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Sierra Leone set to deregulate international gateway

Puts out roadmap for legislation

To demonstrate its commitment to key regulatory and policy changes, the government of Sierra Leone has released a road map for activities leading to the revision of telecom laws and full liberalization of the country's international telecom gateway.

The government stated that deregulation will safeguard open access to the Africa Coast to Europe (ACE) cable, which is expected to be operational before the end of the year.

The ACE system is a 17,000-km cable that will serve 23 countries between France and South Africa and be the first submarine line to land in The Gambia, Guinea, Equatorial Guinea, Liberia, Mauritania, Sao Tomé & Principe, and Sierra Leone. It will connect via terrestrial fiber networks the landlocked countries of Mali and Niger.

"Towards this end, the GoSL [Government of Sierra Leone] intends to liberalize the international gateway before the cable is commercialized," the government announced in a statement. "The GoSL also intends to revise the existing Telecommunications Act to reverse the monopoly of Sierratel over the GoSL international telecommunications and internet gateway."

To date, the gateway has been monopolized by the national carrier, Sierratel, giving it a strong financial footing as it provides services to other telcos such as Sierra Leone's three major GSM providers Airtel, Africell and Comium, as well as ISPs.

According to the action plan and timeline released, legislation to amend the Telecommunications Act of 2006 by repealing applicable provisions and replacing them with those that end international gateway monopoly, would be introduced by Feb. 15.

A consultant that would review and revise the Act "to bring it into conformity with international best practices" would be selected by April 15 and an initial draft of the revised Act would be submitted to the government and other stakeholders by July 15.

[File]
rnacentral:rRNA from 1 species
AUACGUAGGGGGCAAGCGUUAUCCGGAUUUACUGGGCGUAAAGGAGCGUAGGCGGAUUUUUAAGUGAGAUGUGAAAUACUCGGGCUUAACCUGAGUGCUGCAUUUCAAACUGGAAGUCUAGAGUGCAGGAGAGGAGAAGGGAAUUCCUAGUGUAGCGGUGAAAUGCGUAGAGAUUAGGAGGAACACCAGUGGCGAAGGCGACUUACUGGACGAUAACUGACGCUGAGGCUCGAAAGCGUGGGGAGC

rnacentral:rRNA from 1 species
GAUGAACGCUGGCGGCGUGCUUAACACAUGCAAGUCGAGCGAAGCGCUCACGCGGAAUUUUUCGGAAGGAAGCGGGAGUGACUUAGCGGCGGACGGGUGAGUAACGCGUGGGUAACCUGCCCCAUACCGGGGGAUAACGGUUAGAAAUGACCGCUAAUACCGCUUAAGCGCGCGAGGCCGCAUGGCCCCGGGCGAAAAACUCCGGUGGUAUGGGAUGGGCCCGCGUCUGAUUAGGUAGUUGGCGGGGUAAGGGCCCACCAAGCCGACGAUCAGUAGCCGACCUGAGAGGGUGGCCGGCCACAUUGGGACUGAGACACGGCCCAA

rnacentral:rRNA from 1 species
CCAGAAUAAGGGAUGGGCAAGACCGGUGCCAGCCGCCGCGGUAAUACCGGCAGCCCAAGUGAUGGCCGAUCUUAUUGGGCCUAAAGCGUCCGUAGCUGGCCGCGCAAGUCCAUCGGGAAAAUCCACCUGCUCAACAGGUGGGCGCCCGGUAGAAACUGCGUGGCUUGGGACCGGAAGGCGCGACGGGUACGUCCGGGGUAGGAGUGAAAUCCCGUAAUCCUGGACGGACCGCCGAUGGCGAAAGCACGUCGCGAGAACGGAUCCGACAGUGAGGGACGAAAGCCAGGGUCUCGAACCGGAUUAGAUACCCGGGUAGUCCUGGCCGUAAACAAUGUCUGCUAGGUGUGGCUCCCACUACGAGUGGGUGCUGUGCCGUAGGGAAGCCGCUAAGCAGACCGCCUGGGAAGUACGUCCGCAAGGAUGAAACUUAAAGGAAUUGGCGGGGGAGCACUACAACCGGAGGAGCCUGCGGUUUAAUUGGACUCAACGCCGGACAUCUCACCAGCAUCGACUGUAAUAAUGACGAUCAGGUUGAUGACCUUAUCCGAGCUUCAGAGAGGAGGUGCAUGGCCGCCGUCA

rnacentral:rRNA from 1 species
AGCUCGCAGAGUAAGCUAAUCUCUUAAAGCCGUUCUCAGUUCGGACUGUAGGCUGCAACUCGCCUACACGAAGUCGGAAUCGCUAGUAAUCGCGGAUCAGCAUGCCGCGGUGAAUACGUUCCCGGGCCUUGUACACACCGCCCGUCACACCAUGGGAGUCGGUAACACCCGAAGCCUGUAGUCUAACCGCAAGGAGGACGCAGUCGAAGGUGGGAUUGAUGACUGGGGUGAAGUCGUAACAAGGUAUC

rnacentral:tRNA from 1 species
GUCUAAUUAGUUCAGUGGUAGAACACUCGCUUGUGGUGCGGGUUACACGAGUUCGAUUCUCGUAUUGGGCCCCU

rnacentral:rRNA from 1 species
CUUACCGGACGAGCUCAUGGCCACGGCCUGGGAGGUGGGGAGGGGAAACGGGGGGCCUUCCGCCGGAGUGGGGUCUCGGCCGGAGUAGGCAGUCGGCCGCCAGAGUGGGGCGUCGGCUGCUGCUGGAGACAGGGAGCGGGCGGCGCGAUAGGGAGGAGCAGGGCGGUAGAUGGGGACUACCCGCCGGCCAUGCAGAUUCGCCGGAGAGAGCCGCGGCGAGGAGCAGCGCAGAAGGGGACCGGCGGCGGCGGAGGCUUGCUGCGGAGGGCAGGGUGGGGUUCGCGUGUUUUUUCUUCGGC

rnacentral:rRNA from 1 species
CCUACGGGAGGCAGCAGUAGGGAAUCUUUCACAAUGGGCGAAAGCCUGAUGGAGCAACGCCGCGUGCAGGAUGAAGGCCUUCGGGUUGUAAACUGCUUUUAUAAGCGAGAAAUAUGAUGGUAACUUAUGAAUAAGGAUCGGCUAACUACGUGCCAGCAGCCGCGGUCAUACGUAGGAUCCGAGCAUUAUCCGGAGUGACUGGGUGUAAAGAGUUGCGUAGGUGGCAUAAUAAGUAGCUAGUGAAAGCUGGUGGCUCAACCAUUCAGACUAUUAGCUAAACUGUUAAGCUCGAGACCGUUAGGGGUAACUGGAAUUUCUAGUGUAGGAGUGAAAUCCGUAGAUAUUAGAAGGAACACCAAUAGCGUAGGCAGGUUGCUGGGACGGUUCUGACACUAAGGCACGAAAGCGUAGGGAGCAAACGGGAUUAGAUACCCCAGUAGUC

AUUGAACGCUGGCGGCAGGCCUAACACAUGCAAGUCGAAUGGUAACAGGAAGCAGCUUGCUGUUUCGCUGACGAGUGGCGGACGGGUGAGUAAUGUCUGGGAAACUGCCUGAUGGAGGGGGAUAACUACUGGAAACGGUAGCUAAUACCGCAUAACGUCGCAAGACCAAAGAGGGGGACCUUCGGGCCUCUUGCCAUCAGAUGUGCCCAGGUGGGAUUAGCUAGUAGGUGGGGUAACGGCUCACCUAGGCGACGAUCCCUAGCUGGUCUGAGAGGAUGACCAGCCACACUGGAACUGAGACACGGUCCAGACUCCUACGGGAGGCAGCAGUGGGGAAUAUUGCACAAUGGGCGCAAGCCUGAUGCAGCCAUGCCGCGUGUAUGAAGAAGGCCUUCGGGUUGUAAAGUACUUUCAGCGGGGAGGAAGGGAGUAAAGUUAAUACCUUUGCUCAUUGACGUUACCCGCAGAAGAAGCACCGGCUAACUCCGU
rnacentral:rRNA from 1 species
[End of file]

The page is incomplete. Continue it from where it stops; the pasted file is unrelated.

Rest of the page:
There would be public consultations on the draft till July 30, final recommendation for the act would be submitted to the government by Aug. 5 and approval of the final recommendation would be obtained by Aug. 15. Finally, legislation to replace the Telecommunication Act of 2006 with the final revised act would be introduced by Sept. 15.

For years, telcos have called for the liberalization of the international gateway in Sierra Leone. After they launched the Sierra Leone GSM Operators Association SLGSMOA in 2008, the telcos called for a transparent examination of its allocation.

While commemorating the landing of the ACE fiber cable in Freetown last year, President Ernest Koroma cited the liberalization of the gateway as one of the challenges to complete the implementation of the fiber optic system in the country.

With the current timeline, it is likely that the liberalization of Sierra Leone's gateway would be achieved this year, with the government divesting at least 50 percent of its interest in the ACE consortium to the private sector before commencement of commercial operations.


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